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Want to know what is on our minds? Find blog posts written here, by the City Club staff, members, and partners. Every week you can find a new edition of #FreeSpeech in the News — a collection of related stories, commentary, and opinions on free speech in the 21st century that’s making the news. You’ll also find takes on current events, past forums, and issues surrounding Northeast Ohio. Read on for all things City Club.

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Monday, February 05, 2018

#FREESPEECH IN THE NEWS: FEBRUARY 5, 2018

Bliss Davis, Content Coordinator, The City Club of Cleveland

#FREESPEECH IN THE NEWS: FEBRUARY 5, 2018

As the Citadel of Free Speech here in Cleveland, we work to protect and promote the basis of our democracy by sharing related stories, commentary, and opinions on free speech in the 21st century. Here's what's making the news – and what you should know about – in the past week.

“The president does not have the power to make direct, drastic changes to the First Amendment’s protections because the process of altering the Constitution is extremely slow and requires a two-thirds majority vote in both houses of Congress or at a constitutional convention called by two-thirds of states.”

Former Federal Prosecutor Challenges Students to Define Free Speech, The Cornell Daily Sun

“I do not believe the 1st Amendment allows us to avoid all responsibility for what we say. The suit brought by real estate agent Tanya Gersh, who was targeted by a white supremacist website, is a civil one. She and members of her family have received hate mail and death threats.”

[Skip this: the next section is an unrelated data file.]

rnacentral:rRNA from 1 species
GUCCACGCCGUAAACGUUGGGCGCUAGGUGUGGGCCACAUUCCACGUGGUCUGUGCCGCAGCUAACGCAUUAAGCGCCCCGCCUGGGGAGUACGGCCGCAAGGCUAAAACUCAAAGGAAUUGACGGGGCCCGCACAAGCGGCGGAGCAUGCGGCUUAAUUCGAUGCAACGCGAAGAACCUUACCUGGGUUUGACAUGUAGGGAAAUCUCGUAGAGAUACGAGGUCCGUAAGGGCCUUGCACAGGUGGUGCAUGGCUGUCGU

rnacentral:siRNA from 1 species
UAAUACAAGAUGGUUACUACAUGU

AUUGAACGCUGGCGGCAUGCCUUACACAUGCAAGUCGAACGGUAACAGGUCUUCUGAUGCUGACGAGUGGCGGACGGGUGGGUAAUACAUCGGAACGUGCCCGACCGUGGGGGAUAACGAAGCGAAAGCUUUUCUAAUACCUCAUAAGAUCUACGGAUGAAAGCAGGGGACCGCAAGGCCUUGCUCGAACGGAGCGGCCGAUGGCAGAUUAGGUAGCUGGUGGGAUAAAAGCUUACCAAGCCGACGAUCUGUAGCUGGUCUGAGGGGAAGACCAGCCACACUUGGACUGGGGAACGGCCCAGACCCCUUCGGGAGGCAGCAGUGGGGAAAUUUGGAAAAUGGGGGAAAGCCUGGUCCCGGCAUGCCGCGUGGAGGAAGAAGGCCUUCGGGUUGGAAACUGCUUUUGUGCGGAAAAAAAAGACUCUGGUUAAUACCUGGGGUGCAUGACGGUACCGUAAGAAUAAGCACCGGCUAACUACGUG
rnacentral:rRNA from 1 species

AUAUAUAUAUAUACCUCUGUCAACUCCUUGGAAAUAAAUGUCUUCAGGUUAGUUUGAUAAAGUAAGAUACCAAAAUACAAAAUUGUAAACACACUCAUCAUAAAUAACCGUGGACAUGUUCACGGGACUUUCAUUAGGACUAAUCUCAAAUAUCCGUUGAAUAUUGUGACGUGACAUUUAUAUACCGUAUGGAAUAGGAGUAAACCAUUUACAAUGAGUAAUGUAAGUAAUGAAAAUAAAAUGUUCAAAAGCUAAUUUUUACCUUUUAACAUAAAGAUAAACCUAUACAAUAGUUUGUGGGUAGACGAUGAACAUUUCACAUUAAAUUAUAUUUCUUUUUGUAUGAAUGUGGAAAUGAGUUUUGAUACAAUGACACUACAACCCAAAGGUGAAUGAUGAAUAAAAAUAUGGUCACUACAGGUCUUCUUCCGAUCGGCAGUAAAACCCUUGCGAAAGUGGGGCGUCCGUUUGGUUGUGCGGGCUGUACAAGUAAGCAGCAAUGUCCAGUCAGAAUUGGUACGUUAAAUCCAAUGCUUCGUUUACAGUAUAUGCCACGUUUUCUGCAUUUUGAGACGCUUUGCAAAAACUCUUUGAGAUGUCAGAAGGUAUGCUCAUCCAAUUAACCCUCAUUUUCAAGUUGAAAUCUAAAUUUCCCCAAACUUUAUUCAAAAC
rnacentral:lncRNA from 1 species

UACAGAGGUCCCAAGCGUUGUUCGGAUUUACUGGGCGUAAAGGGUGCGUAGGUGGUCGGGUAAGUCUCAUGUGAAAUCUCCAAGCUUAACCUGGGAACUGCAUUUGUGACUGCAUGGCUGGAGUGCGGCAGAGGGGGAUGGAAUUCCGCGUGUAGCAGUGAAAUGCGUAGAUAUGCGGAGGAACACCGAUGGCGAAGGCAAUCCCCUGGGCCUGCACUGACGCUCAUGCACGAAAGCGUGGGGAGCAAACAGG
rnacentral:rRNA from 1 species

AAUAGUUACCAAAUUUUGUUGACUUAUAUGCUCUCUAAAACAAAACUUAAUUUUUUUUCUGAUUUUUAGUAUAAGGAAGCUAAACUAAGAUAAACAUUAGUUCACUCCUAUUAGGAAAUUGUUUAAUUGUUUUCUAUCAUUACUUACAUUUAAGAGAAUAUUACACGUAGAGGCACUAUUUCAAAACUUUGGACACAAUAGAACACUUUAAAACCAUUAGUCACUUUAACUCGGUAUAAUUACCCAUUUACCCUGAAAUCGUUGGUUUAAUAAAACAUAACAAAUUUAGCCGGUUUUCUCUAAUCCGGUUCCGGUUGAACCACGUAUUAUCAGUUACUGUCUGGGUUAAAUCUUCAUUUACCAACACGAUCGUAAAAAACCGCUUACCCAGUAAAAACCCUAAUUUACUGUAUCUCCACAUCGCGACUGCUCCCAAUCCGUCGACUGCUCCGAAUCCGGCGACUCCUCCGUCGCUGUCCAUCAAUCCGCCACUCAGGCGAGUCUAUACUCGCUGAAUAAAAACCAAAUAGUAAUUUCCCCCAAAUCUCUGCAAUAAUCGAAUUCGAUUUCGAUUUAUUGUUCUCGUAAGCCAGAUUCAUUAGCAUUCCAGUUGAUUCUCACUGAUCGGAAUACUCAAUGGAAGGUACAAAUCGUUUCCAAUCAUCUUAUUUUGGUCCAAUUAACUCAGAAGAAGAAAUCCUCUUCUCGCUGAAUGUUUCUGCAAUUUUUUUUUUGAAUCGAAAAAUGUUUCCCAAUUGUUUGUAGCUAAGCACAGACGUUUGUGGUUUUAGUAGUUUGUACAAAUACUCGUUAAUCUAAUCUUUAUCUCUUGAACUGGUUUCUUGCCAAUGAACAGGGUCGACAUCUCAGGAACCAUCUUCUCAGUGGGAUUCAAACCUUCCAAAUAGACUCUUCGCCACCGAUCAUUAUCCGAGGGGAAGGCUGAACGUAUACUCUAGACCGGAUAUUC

Free speech does not mean neo-Nazis ought to escape responsibility for what they say, The Los Angeles Times

“Because the app is designed to eliminate a paper trail, it is impossible to determine whether the governor and his staff used it to conduct state business out of view of the public, or whether they’re using it for personal and campaign purposes.”

Greitens’ lawyers say ban on using text-erasing app would violate free-speech rights, The Kansas City Star

“The universal single-digit gesture of contempt is now the center of a federal lawsuit May filed last week against the man behind the patrol car’s wheel, Indiana State Police Master Trooper Matt Ames. According to the legal complaint, after seeing May’s middle-finger, Ames went after the driver, issuing him a ticket for ‘provocation.’”

‘Flipping the bird’ at police: Crime or free speech?, The Washington Post

“From Aug. 27 to Sept. 27, UCPD spent $3,910,259 on security fees and other expenses for three events: counterprotests held in response to the “alt-right” rally Aug. 27; conservative speaker Ben Shapiro’s appearance Sept. 14; and events related to the ultimately canceled “Free Speech Week,” which featured a brief appearance from Milo Yiannopoulos and the Patriot Prayer rally that followed on Sept. 26.”

UC Berkeley spent $4 million on ‘free speech’ events last year, The Daily Californian

“The Senate voted 35-2 in favor of a bill exempting students’ personal phone numbers and email addresses from disclosure under the Freedom of Information Act. Many only learned the information was not protected when thousands of students got political text messages this fall during the governor’s race.”

Bills protecting college student phone numbers, free speech advance in Va., WTOP

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